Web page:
In 1917 more than 6,000 American sailors arrived in Ireland, the first United States troops deployed to front line service during the First World War. From a social perspective, all was not plain sailing. This podcast tells the story of...
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I recently came across a series of 1861 letters written between three notable members of nineteenth century Irish America. The authors were the Archbishop of New York, “Dagger” John Hughes; Father Bernard O’Reilly, who had served as the 69th New...
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Millions of people in the modern-day United States have some degree of Irish ancestry. The surnames they bear or are connected to display a staggering array of spelling variance–some of which seem very far removed from their Transatlantic origins. While...
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My primary area of research relates to wartime letters written home by soldiers and sailors, and which widow’s and dependents parted with in order to provide the Bureau of Pensions with evidence to support their claim. However, letters were not...
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The north-eastern portion of Washington D.C. is home to a cemetery with strong ties to the nineteenth century Irish Diaspora. Indeed, this is perhaps the most significant–and least well known– site with Irish American links in the entire District of...
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Historically, we have tended to view the Irish American experience of the Civil War through the lens of ethnic formations such as the Irish Brigade and Corcoran’s Irish Legion. Yet of the c. 250,000 ethnic Irishmen who donned Union blue...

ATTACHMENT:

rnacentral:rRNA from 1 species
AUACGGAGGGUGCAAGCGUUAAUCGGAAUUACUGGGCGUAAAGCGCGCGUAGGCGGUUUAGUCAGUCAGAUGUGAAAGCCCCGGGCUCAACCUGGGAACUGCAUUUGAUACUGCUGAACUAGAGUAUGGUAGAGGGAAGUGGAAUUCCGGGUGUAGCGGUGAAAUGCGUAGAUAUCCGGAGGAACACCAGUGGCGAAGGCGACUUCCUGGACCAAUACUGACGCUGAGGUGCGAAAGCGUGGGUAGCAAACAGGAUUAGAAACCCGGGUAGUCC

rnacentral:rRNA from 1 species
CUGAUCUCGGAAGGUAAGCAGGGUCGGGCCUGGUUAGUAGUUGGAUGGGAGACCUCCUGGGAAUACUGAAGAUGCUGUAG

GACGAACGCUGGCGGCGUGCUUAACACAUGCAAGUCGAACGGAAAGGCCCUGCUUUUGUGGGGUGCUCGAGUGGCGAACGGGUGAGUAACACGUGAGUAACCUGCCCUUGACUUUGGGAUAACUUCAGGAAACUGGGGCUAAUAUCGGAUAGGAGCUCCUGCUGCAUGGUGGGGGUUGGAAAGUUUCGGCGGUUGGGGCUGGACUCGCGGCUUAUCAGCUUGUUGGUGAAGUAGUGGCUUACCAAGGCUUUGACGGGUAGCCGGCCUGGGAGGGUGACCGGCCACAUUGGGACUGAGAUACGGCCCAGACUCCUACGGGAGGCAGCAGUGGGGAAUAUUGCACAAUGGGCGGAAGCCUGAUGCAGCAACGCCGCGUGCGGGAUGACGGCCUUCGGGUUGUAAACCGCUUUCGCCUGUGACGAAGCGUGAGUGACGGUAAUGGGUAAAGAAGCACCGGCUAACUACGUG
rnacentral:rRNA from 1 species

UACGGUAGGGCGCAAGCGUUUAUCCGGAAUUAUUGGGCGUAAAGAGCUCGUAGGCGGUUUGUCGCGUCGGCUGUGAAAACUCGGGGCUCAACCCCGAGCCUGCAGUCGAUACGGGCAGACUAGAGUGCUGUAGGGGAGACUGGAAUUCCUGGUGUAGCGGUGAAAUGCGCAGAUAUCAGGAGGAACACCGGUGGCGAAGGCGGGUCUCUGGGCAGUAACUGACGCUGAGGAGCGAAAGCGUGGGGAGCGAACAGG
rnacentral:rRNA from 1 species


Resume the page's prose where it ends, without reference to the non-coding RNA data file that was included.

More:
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The latest instalment of the series focuses on Alexandria National Cemetery, which I visited on my recent trip to the United States. The majority of burials relate to men who died of illness or injuries in one of Alexandria’s many...
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There is only one week until our free tour of the 69th New York State Militia at the Battle of Bull Run. I have arrived Stateside, and will be spending this week researching Union Irish at the National Archives in...
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Popular perceptions of 19th century Irish emigration imagine a tearful farewell from home, as emigrants departed never to be heard from again. But in reality those who left usually maintained close ties with their home communities– ties of obligation and...
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Although proportionately very few Irish veterans of the American Civil War returned to Ireland after their service, hundreds did choose to do so. Up and down the island in the late 19th and early 20th centuries those who had served...
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